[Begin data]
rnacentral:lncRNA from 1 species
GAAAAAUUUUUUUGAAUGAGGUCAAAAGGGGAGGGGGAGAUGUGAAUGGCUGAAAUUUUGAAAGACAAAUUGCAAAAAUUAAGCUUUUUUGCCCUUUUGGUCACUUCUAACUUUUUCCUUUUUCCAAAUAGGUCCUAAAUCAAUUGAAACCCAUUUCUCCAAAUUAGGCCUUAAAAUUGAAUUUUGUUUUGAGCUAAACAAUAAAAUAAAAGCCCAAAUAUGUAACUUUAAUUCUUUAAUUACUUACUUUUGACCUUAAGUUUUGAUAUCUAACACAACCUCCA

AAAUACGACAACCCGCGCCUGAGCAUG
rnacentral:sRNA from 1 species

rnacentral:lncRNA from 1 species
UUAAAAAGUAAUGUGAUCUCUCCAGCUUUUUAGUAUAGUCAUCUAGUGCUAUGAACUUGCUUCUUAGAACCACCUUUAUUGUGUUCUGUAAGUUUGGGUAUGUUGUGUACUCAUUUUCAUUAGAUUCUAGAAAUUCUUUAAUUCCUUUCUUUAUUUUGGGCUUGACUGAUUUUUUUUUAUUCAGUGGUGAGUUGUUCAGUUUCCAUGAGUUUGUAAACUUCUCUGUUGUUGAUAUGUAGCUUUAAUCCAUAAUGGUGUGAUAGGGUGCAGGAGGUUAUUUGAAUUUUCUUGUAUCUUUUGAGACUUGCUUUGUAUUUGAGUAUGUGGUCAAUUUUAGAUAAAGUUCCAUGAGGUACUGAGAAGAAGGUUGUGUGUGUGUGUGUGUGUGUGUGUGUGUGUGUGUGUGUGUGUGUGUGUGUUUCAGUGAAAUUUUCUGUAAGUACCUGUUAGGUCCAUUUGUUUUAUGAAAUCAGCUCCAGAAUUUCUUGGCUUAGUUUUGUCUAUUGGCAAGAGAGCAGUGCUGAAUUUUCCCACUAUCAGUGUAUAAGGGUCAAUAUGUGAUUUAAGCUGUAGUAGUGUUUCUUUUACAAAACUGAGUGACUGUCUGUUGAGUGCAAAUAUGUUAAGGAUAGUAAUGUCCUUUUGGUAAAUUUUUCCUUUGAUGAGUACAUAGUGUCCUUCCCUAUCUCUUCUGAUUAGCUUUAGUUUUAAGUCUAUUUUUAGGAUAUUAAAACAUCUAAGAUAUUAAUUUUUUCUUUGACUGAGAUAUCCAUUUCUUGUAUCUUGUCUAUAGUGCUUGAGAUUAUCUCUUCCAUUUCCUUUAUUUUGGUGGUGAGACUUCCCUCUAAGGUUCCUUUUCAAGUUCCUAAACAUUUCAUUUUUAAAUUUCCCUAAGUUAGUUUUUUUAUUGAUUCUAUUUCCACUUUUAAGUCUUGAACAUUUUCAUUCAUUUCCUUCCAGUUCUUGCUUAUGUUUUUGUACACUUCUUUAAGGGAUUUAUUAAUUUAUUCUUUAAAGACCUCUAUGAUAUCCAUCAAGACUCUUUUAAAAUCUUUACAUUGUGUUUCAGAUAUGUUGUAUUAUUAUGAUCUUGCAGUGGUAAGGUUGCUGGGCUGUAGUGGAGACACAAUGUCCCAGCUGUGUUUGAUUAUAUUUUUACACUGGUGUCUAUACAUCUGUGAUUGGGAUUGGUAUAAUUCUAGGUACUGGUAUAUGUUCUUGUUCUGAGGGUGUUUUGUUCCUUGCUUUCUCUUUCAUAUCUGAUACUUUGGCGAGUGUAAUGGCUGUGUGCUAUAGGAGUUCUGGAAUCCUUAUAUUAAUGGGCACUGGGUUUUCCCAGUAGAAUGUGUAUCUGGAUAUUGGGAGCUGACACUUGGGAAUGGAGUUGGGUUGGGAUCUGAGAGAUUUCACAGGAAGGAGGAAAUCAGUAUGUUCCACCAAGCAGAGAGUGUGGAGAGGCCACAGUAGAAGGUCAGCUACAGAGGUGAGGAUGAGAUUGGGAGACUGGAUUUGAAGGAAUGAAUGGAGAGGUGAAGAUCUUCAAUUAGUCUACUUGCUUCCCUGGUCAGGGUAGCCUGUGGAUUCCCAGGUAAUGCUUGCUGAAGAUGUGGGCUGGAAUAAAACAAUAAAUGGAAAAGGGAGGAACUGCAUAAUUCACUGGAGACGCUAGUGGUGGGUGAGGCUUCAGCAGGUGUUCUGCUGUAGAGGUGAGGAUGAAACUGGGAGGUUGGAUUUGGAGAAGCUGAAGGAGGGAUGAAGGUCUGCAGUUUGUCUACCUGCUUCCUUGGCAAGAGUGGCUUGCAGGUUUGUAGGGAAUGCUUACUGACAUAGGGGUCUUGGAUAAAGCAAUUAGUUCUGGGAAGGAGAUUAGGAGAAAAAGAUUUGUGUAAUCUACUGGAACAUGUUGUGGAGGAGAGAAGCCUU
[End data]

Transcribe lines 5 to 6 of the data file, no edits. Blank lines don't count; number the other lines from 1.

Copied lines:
rnacentral:lncRNA from 1 species
UUAAAAAGUAAUGUGAUCUCUCCAGCUUUUUAGUAUAGUCAUCUAGUGCUAUGAACUUGCUUCUUAGAACCACCUUUAUUGUGUUCUGUAAGUUUGGGUAUGUUGUGUACUCAUUUUCAUUAGAUUCUAGAAAUUCUUUAAUUCCUUUCUUUAUUUUGGGCUUGACUGAUUUUUUUUUAUUCAGUGGUGAGUUGUUCAGUUUCCAUGAGUUUGUAAACUUCUCUGUUGUUGAUAUGUAGCUUUAAUCCAUAAUGGUGUGAUAGGGUGCAGGAGGUUAUUUGAAUUUUCUUGUAUCUUUUGAGACUUGCUUUGUAUUUGAGUAUGUGGUCAAUUUUAGAUAAAGUUCCAUGAGGUACUGAGAAGAAGGUUGUGUGUGUGUGUGUGUGUGUGUGUGUGUGUGUGUGUGUGUGUGUGUGUGUUUCAGUGAAAUUUUCUGUAAGUACCUGUUAGGUCCAUUUGUUUUAUGAAAUCAGCUCCAGAAUUUCUUGGCUUAGUUUUGUCUAUUGGCAAGAGAGCAGUGCUGAAUUUUCCCACUAUCAGUGUAUAAGGGUCAAUAUGUGAUUUAAGCUGUAGUAGUGUUUCUUUUACAAAACUGAGUGACUGUCUGUUGAGUGCAAAUAUGUUAAGGAUAGUAAUGUCCUUUUGGUAAAUUUUUCCUUUGAUGAGUACAUAGUGUCCUUCCCUAUCUCUUCUGAUUAGCUUUAGUUUUAAGUCUAUUUUUAGGAUAUUAAAACAUCUAAGAUAUUAAUUUUUUCUUUGACUGAGAUAUCCAUUUCUUGUAUCUUGUCUAUAGUGCUUGAGAUUAUCUCUUCCAUUUCCUUUAUUUUGGUGGUGAGACUUCCCUCUAAGGUUCCUUUUCAAGUUCCUAAACAUUUCAUUUUUAAAUUUCCCUAAGUUAGUUUUUUUAUUGAUUCUAUUUCCACUUUUAAGUCUUGAACAUUUUCAUUCAUUUCCUUCCAGUUCUUGCUUAUGUUUUUGUACACUUCUUUAAGGGAUUUAUUAAUUUAUUCUUUAAAGACCUCUAUGAUAUCCAUCAAGACUCUUUUAAAAUCUUUACAUUGUGUUUCAGAUAUGUUGUAUUAUUAUGAUCUUGCAGUGGUAAGGUUGCUGGGCUGUAGUGGAGACACAAUGUCCCAGCUGUGUUUGAUUAUAUUUUUACACUGGUGUCUAUACAUCUGUGAUUGGGAUUGGUAUAAUUCUAGGUACUGGUAUAUGUUCUUGUUCUGAGGGUGUUUUGUUCCUUGCUUUCUCUUUCAUAUCUGAUACUUUGGCGAGUGUAAUGGCUGUGUGCUAUAGGAGUUCUGGAAUCCUUAUAUUAAUGGGCACUGGGUUUUCCCAGUAGAAUGUGUAUCUGGAUAUUGGGAGCUGACACUUGGGAAUGGAGUUGGGUUGGGAUCUGAGAGAUUUCACAGGAAGGAGGAAAUCAGUAUGUUCCACCAAGCAGAGAGUGUGGAGAGGCCACAGUAGAAGGUCAGCUACAGAGGUGAGGAUGAGAUUGGGAGACUGGAUUUGAAGGAAUGAAUGGAGAGGUGAAGAUCUUCAAUUAGUCUACUUGCUUCCCUGGUCAGGGUAGCCUGUGGAUUCCCAGGUAAUGCUUGCUGAAGAUGUGGGCUGGAAUAAAACAAUAAAUGGAAAAGGGAGGAACUGCAUAAUUCACUGGAGACGCUAGUGGUGGGUGAGGCUUCAGCAGGUGUUCUGCUGUAGAGGUGAGGAUGAAACUGGGAGGUUGGAUUUGGAGAAGCUGAAGGAGGGAUGAAGGUCUGCAGUUUGUCUACCUGCUUCCUUGGCAAGAGUGGCUUGCAGGUUUGUAGGGAAUGCUUACUGACAUAGGGGUCUUGGAUAAAGCAAUUAGUUCUGGGAAGGAGAUUAGGAGAAAAAGAUUUGUGUAAUCUACUGGAACAUGUUGUGGAGGAGAGAAGCCUU